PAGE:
The wheels on the bus go to Madison
The march on Madison to restore Wisconsin Virtual Academy and protect Wisconsin’s schools had over 1100 people participate today. I received this note from Brian Fraley that I thought I would pass along. It sounds like turnout even exceeded Brian’s hopes and expectations:
We had to cut off pre-rally registration at the concourse ballroom before all of three Milwaukee Buses arrived. WE had 975 registered on site today, 140 on Milwaukee buses. So we easily had a crowd of more than 1100 thats not including walk ups. In 6 days!
Out of a safety concern we asked 150 or so to head back to the Concourse and head to capitol at 2 instead. And it still took 15 minutes for the throng to enter the Capitol!
AB697 is a bipartisan bill now. Rep. Fields and Rep. Ziegelbauer told Davis they’re on board!
Hearing in Assembly may take a long long time!
The only time I’ve seen a bigger rally is when it was an interest group’s day at the capitol and they had a convention in town, and even then maybe only 3 or 4 times in the last 20 years.
We were on the long state street side of the capitol and we stretched almost to the sidewalks.
Here’s the official press release from the Wisconsin Coalition of Virtual School Families
For Immediate Release, January 16, 2008
For further information, contact: Rose Fernandez, Coalition President
More Than One Thousand Real People Rally at State Capitol for Virtual
[Madison, Wisconsin] Holding signs that read “Don’t kick me out of
school, I didn’t do anything wrong” and “This Vote Will Go on Your
Permanent Record!” a crowd of more than 1100 students, parents and
educators rallied at the Wisconsin State Capitol Wednesday afternoon.
“In school, you study history,” Rose Fernandez, President of the
Wisconsin Coalition of Virtual School Families said to the boisterous
crowd. “But today, you’re making history.”
Faced with the prospect of a court-ordered closure of a half dozen
online public charter schools in Wisconsin, the group rallied in
support of AB697 a bipartisan bill, which had a public hearing later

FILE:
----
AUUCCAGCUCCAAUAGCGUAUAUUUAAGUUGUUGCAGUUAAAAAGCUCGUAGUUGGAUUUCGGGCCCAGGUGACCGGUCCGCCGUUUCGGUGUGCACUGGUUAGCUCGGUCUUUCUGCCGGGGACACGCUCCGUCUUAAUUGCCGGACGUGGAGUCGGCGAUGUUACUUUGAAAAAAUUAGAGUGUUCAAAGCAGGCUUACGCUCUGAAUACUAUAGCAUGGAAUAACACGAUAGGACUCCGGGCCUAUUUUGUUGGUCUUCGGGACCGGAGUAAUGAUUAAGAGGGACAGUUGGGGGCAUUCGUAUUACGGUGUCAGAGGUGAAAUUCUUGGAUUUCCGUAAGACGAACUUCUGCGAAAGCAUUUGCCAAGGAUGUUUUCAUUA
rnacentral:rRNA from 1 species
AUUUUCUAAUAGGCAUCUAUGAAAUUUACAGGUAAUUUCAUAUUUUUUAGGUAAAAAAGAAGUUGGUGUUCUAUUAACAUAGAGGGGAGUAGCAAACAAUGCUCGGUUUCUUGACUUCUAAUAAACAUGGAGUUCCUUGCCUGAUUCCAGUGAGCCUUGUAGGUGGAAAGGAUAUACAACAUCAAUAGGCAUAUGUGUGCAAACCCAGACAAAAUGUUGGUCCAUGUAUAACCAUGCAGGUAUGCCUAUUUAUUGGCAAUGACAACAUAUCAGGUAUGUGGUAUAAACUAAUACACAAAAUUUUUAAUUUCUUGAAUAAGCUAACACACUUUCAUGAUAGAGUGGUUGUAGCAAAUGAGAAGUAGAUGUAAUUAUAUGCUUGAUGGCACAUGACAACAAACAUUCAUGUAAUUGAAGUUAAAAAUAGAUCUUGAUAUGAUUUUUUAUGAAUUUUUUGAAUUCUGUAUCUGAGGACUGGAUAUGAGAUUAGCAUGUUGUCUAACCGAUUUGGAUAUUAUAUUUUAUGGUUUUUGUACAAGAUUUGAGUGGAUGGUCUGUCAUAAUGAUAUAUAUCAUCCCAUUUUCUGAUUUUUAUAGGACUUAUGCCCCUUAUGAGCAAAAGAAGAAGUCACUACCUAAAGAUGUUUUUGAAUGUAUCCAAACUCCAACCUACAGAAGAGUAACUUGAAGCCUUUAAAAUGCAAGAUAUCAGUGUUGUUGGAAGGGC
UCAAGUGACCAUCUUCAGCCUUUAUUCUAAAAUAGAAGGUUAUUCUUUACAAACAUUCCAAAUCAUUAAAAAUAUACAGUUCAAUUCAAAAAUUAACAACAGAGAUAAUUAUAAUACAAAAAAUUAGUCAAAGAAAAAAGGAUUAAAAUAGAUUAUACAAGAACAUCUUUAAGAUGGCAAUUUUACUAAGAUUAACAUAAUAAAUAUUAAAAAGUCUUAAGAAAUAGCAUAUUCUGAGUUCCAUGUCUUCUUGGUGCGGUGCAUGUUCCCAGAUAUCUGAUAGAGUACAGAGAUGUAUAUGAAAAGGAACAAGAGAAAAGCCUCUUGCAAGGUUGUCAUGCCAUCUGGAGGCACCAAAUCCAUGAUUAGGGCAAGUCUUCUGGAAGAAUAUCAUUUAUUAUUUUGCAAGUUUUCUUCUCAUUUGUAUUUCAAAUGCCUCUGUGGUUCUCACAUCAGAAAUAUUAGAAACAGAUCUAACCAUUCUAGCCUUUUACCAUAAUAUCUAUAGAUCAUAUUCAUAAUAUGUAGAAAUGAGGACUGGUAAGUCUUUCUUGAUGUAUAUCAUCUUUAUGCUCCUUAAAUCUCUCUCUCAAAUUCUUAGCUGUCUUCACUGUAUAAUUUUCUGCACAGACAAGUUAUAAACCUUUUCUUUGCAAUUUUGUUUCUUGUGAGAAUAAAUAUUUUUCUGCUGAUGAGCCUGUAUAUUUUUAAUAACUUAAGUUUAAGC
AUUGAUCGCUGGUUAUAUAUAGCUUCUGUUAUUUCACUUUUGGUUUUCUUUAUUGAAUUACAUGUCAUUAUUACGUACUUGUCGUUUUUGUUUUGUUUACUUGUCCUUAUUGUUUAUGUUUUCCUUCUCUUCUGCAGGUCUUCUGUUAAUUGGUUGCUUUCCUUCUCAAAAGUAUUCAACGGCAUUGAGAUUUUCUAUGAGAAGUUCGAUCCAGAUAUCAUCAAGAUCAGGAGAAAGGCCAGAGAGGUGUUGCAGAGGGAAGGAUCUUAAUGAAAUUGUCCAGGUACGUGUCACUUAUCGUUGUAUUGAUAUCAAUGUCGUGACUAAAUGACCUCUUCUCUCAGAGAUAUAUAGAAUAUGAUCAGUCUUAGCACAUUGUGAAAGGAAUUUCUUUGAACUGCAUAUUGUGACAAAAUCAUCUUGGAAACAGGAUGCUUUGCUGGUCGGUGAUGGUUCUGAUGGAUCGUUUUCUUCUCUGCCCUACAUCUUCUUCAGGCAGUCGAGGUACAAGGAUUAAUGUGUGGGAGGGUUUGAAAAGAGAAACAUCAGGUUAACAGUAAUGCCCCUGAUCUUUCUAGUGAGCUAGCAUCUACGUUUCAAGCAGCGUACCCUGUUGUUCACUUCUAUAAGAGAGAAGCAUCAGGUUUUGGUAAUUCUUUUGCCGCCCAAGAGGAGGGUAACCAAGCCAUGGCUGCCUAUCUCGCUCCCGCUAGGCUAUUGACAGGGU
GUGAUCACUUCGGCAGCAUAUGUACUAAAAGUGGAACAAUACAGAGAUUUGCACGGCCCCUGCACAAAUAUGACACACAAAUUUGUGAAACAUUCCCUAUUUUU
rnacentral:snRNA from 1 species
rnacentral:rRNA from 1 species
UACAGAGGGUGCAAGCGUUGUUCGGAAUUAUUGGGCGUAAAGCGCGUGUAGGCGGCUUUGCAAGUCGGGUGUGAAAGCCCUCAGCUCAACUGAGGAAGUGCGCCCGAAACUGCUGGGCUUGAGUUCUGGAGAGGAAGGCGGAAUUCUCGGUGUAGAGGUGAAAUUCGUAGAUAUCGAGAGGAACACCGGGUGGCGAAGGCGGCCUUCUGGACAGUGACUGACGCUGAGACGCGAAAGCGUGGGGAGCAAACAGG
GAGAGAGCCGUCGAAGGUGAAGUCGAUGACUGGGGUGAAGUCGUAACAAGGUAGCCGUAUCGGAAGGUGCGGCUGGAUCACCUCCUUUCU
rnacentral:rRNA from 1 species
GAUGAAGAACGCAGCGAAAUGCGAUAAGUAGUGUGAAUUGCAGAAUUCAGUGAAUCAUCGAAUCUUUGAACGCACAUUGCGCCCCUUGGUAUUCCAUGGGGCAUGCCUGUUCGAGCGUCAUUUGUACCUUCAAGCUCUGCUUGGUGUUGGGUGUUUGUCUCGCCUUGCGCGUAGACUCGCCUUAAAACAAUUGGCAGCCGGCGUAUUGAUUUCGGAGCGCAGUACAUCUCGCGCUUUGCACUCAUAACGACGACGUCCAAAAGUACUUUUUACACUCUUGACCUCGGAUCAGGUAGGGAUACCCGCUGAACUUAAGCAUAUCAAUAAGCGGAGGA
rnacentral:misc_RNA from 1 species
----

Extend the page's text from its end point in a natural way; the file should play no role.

in the day. The rally attendees did not return to their hometowns when
the speakers were done, however. The throng went to the legislative
committee hearing to register their support and then spent the
afternoon visiting their lawmakers.
“While the Supreme Court decides whether to take up the appeal in the
virtual school case, there are several well-intentioned legislators
looking for a legislative fix,” said Fernandez. “We have union dues
paying teachers, parents, kids, school administrators and those
well-intentioned legislators on our side. The teachers union, which
wants to close these schools, stands alone with their allies at the
state Department of Public Instruction. We hope this massive civics
lesson today will help bring even more allies our way. AB697 is the
only legislation out there that will keep these schools open.”
In December, a state appeals court ruled that the state must suspend
funding of the public Wisconsin Virtual Academy and indicated state
statutes must be updated to reflect the growth of this emerging
educational reform in order for it to continue.,
“3,000 kids could be kicked out of the public school that works best
for them if this legislation doesn’t pass,” said Fernandez. “I want
those who oppose this bill to look these little ones in the eyes and
say ‘tough luck, kid, I have to side with WEAC on this one, now hit
Representative Brett Davis, the author of the Bi-partisan AB697
immediately began working with the various affected parties to craft a
narrow legislative fix that addresses only the concerns raised by the
court. It must pass both houses of the legislature and be signed by
the Governor this year.
Buses collected rally attendees from stops in Brookfield, Green Bay,
Appleton, Wausau, Plover, Westfield, Eau Claire and Tomah. Hundreds
more made their own way to the rally in Madison despite the short
notice and sub-freezing temperatures.
“This is just the start,” said Fernandez. “We’re going to do all that
we can to see this through and save these schools.”